1. Health
You can opt-out at any time. Please refer to our privacy policy for contact information.

Discuss in my forum

Can Too Many Medications Cause Symptoms of Dementia?

Polypharmacy and Drug-Induced Cognitive Impairment


Updated February 18, 2013

Written or reviewed by a board-certified physician. See About.com's Medical Review Board.

Confused, dazed and can't remember things? While these symptoms can be caused by Alzheimer's and other types of dementia, there could be another, possibly reversible, cause: medication. Too many medicines, called polypharmacy, can affect your ability to think clearly, remember and make appropriate decisions.

Drug-Induced Cognitive Impairment

According to R. Kirk, 12 percent of dementias may be related to polypharmacy. Symptoms of mild cognitive impairment or delirium that develop when a person is taking multiple medications should always be thoroughly investigated.

High-Risk Drugs Classes

According to the journal Clinical Geriatrics, "classes of drugs with the potential to impair cognition and function in the elderly include anticholinergic drugs, psychotropic drugs, analgesics, sedative-hypnotics, and drugs with a narrow therapeutic window."

What Is Polypharmacy?

The word poly means many, and pharmacy refers to medicines. So polypharmacy is when too many (defined as more than five in some sources and more than six in others) medications are used to treat a person. There are certainly many situations in which multiple medications are necessary and appropriate, but the use of multiple medications, especially in older adults, also has the potential for unintended negative effects.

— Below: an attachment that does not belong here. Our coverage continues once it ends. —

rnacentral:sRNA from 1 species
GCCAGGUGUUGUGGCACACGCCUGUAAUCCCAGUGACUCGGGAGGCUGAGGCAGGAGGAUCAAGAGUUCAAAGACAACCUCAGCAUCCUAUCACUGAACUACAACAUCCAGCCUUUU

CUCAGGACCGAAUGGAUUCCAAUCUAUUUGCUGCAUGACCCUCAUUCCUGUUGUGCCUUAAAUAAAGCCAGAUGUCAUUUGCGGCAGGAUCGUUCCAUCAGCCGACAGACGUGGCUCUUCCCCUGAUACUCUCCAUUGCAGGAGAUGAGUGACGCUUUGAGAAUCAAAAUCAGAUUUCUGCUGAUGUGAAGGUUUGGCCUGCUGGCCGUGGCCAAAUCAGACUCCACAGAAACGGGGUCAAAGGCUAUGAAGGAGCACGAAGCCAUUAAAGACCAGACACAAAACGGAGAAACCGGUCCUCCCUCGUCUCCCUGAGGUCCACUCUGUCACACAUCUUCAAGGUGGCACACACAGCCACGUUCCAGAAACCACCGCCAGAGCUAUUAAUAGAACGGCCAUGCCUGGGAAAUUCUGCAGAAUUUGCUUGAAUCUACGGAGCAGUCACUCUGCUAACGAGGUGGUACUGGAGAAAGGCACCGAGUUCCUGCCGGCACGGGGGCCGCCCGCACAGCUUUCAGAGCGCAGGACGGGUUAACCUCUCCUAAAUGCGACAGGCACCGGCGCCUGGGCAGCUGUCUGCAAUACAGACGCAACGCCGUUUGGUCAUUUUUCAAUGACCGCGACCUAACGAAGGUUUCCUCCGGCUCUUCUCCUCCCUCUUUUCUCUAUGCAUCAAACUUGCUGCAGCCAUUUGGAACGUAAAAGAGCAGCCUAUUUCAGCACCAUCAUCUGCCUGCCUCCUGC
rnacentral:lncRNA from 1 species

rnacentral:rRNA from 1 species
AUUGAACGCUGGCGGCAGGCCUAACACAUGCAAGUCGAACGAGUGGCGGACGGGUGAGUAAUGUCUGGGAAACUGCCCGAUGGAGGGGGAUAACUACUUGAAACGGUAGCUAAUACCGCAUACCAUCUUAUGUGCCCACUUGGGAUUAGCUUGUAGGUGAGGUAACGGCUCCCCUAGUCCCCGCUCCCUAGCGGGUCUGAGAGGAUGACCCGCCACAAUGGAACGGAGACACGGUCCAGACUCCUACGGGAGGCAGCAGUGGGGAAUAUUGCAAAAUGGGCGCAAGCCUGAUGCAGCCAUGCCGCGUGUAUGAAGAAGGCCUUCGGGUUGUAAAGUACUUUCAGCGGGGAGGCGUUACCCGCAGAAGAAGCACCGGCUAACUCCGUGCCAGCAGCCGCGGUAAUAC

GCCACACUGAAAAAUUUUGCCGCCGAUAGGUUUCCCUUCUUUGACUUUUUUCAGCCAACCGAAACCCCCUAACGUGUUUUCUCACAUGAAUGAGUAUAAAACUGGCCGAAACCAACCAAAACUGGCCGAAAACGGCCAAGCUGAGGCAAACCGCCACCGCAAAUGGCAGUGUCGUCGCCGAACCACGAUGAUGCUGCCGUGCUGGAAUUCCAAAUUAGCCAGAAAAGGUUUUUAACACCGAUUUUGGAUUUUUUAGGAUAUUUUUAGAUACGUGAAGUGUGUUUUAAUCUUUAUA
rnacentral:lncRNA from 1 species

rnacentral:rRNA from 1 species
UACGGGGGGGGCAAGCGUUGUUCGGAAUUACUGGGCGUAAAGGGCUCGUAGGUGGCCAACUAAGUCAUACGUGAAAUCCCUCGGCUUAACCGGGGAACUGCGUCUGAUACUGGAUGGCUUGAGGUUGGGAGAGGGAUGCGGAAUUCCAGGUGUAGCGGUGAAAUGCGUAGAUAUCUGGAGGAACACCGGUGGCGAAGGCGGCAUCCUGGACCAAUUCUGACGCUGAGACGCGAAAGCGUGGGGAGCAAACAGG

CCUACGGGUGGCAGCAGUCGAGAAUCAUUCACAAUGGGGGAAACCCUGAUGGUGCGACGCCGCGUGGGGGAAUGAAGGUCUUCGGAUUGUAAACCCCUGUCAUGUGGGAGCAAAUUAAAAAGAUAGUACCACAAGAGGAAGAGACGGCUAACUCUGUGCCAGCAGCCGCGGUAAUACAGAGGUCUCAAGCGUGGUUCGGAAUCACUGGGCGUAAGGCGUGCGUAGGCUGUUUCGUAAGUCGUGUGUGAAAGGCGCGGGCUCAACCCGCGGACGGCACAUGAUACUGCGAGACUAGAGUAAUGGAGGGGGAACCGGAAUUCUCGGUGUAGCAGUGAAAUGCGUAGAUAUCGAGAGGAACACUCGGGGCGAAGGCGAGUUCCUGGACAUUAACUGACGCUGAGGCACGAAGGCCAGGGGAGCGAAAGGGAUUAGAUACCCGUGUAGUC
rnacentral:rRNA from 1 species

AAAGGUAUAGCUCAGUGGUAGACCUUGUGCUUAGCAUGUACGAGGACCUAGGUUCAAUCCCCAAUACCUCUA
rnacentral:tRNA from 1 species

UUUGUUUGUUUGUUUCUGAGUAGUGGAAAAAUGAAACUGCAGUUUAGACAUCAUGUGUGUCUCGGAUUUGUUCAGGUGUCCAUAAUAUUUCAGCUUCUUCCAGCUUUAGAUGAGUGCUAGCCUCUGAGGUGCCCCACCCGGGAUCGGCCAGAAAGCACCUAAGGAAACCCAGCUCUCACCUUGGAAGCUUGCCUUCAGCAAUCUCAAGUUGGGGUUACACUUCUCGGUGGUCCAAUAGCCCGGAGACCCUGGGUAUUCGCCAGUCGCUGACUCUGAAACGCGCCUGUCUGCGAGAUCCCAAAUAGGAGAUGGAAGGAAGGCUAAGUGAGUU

Causes of Polypharmacy

There are several contributing factors for polypharmacy, including the following:

  • Multiple Physicians: Often, people will go to more than one doctor, such as a specialist, for different concerns. If you don't clearly communicate which medicines are being prescribed by the other doctors, or if your medical records are not accurately sent to the next physician, too many medications might be prescribed.

  • Herbs and Supplements: You should report any herbs or supplements that you're taking to your doctor. Even though they may be completely natural, they can still affect how your body absorbs medicine and pose the possibility of interaction with medicines.

  • Self-Medicating: Some people feel that if two pills are good, four are better. Or they borrow medicines from their neighbors for various aches and pains. Remember that mixing and self-prescribing medications can have negative results, both of not helping the problem you're hoping to address, and of causing harmful drug interactions.

  • Medicine-Dependent Culture: Particularly in our culture, it's common to look for a medicine for everything. Feeling anxious? Take a pill. Your knee hurts? Have some medicine. High cholesterol? Yep, here's another pill. Of course, there are wonderful medicines available — and they might be the exact remedy you need. But for some situations, there are other approaches that could be tried first, such as counseling, physical therapy or a healthier diet and exercise regimen.

  • Medication Administration Errors: For some people, taking medication properly is a challenge. It's not uncommon for people to forget that they took their medication and then take another dose, take it at the wrong time of day, take it with food when it should be without, or get the names of medications confused and take the wrong pill.